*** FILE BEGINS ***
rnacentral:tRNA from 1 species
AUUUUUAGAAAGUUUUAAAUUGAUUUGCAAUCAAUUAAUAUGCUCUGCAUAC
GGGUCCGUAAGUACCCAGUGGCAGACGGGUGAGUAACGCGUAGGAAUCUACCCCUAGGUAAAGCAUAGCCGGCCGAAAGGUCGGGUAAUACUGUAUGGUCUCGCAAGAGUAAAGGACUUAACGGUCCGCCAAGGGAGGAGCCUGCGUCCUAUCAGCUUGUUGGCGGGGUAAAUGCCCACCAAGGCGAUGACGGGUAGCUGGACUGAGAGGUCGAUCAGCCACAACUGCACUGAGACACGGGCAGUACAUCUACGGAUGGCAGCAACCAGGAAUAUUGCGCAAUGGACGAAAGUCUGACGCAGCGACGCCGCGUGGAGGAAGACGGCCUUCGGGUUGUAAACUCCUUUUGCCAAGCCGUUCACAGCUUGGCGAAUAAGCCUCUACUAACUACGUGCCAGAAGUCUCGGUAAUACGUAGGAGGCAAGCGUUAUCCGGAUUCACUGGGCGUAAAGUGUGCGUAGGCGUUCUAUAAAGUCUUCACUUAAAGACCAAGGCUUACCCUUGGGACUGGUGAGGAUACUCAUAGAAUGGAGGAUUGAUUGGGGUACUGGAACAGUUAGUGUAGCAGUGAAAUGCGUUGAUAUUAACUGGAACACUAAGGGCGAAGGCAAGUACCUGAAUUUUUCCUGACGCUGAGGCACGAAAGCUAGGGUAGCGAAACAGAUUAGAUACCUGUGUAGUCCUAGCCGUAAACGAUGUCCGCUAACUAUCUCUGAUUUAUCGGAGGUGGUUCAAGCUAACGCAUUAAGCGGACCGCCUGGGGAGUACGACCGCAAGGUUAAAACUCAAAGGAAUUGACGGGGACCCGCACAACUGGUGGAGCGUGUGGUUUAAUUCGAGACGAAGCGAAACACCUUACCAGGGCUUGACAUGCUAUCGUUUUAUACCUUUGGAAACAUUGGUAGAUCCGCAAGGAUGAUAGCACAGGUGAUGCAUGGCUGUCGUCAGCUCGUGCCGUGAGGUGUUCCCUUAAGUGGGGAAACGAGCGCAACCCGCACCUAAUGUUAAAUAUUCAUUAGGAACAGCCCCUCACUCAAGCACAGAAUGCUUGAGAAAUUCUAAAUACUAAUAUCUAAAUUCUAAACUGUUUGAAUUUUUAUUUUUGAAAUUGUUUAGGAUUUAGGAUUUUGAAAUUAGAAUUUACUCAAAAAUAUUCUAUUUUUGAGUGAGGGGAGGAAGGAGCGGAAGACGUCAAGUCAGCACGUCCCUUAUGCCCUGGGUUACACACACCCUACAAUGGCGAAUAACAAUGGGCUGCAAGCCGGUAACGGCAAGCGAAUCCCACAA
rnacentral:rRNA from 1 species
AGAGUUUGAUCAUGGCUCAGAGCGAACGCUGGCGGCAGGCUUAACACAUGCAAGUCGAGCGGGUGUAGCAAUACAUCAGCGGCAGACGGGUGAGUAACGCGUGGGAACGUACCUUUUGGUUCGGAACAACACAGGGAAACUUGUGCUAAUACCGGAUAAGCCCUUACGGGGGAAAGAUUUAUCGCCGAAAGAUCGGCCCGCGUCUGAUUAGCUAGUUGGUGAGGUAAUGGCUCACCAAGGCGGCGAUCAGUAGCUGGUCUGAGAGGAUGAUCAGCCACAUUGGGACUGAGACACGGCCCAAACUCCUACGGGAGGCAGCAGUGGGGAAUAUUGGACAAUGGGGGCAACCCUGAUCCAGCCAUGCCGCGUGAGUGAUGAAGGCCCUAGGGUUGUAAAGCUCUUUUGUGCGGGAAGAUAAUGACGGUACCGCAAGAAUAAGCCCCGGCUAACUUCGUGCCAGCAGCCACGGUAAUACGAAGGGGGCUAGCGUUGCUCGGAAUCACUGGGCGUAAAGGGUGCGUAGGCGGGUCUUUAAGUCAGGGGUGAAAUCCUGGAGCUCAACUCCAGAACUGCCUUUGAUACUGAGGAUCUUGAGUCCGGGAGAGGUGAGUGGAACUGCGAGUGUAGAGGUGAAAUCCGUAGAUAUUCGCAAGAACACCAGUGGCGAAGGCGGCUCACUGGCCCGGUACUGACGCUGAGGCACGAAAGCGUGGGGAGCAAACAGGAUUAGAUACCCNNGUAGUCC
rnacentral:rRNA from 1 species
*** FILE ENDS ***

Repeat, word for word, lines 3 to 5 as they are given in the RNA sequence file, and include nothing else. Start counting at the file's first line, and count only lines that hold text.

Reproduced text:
GGGUCCGUAAGUACCCAGUGGCAGACGGGUGAGUAACGCGUAGGAAUCUACCCCUAGGUAAAGCAUAGCCGGCCGAAAGGUCGGGUAAUACUGUAUGGUCUCGCAAGAGUAAAGGACUUAACGGUCCGCCAAGGGAGGAGCCUGCGUCCUAUCAGCUUGUUGGCGGGGUAAAUGCCCACCAAGGCGAUGACGGGUAGCUGGACUGAGAGGUCGAUCAGCCACAACUGCACUGAGACACGGGCAGUACAUCUACGGAUGGCAGCAACCAGGAAUAUUGCGCAAUGGACGAAAGUCUGACGCAGCGACGCCGCGUGGAGGAAGACGGCCUUCGGGUUGUAAACUCCUUUUGCCAAGCCGUUCACAGCUUGGCGAAUAAGCCUCUACUAACUACGUGCCAGAAGUCUCGGUAAUACGUAGGAGGCAAGCGUUAUCCGGAUUCACUGGGCGUAAAGUGUGCGUAGGCGUUCUAUAAAGUCUUCACUUAAAGACCAAGGCUUACCCUUGGGACUGGUGAGGAUACUCAUAGAAUGGAGGAUUGAUUGGGGUACUGGAACAGUUAGUGUAGCAGUGAAAUGCGUUGAUAUUAACUGGAACACUAAGGGCGAAGGCAAGUACCUGAAUUUUUCCUGACGCUGAGGCACGAAAGCUAGGGUAGCGAAACAGAUUAGAUACCUGUGUAGUCCUAGCCGUAAACGAUGUCCGCUAACUAUCUCUGAUUUAUCGGAGGUGGUUCAAGCUAACGCAUUAAGCGGACCGCCUGGGGAGUACGACCGCAAGGUUAAAACUCAAAGGAAUUGACGGGGACCCGCACAACUGGUGGAGCGUGUGGUUUAAUUCGAGACGAAGCGAAACACCUUACCAGGGCUUGACAUGCUAUCGUUUUAUACCUUUGGAAACAUUGGUAGAUCCGCAAGGAUGAUAGCACAGGUGAUGCAUGGCUGUCGUCAGCUCGUGCCGUGAGGUGUUCCCUUAAGUGGGGAAACGAGCGCAACCCGCACCUAAUGUUAAAUAUUCAUUAGGAACAGCCCCUCACUCAAGCACAGAAUGCUUGAGAAAUUCUAAAUACUAAUAUCUAAAUUCUAAACUGUUUGAAUUUUUAUUUUUGAAAUUGUUUAGGAUUUAGGAUUUUGAAAUUAGAAUUUACUCAAAAAUAUUCUAUUUUUGAGUGAGGGGAGGAAGGAGCGGAAGACGUCAAGUCAGCACGUCCCUUAUGCCCUGGGUUACACACACCCUACAAUGGCGAAUAACAAUGGGCUGCAAGCCGGUAACGGCAAGCGAAUCCCACAA
rnacentral:rRNA from 1 species
AGAGUUUGAUCAUGGCUCAGAGCGAACGCUGGCGGCAGGCUUAACACAUGCAAGUCGAGCGGGUGUAGCAAUACAUCAGCGGCAGACGGGUGAGUAACGCGUGGGAACGUACCUUUUGGUUCGGAACAACACAGGGAAACUUGUGCUAAUACCGGAUAAGCCCUUACGGGGGAAAGAUUUAUCGCCGAAAGAUCGGCCCGCGUCUGAUUAGCUAGUUGGUGAGGUAAUGGCUCACCAAGGCGGCGAUCAGUAGCUGGUCUGAGAGGAUGAUCAGCCACAUUGGGACUGAGACACGGCCCAAACUCCUACGGGAGGCAGCAGUGGGGAAUAUUGGACAAUGGGGGCAACCCUGAUCCAGCCAUGCCGCGUGAGUGAUGAAGGCCCUAGGGUUGUAAAGCUCUUUUGUGCGGGAAGAUAAUGACGGUACCGCAAGAAUAAGCCCCGGCUAACUUCGUGCCAGCAGCCACGGUAAUACGAAGGGGGCUAGCGUUGCUCGGAAUCACUGGGCGUAAAGGGUGCGUAGGCGGGUCUUUAAGUCAGGGGUGAAAUCCUGGAGCUCAACUCCAGAACUGCCUUUGAUACUGAGGAUCUUGAGUCCGGGAGAGGUGAGUGGAACUGCGAGUGUAGAGGUGAAAUCCGUAGAUAUUCGCAAGAACACCAGUGGCGAAGGCGGCUCACUGGCCCGGUACUGACGCUGAGGCACGAAAGCGUGGGGAGCAAACAGGAUUAGAUACCCNNGUAGUCC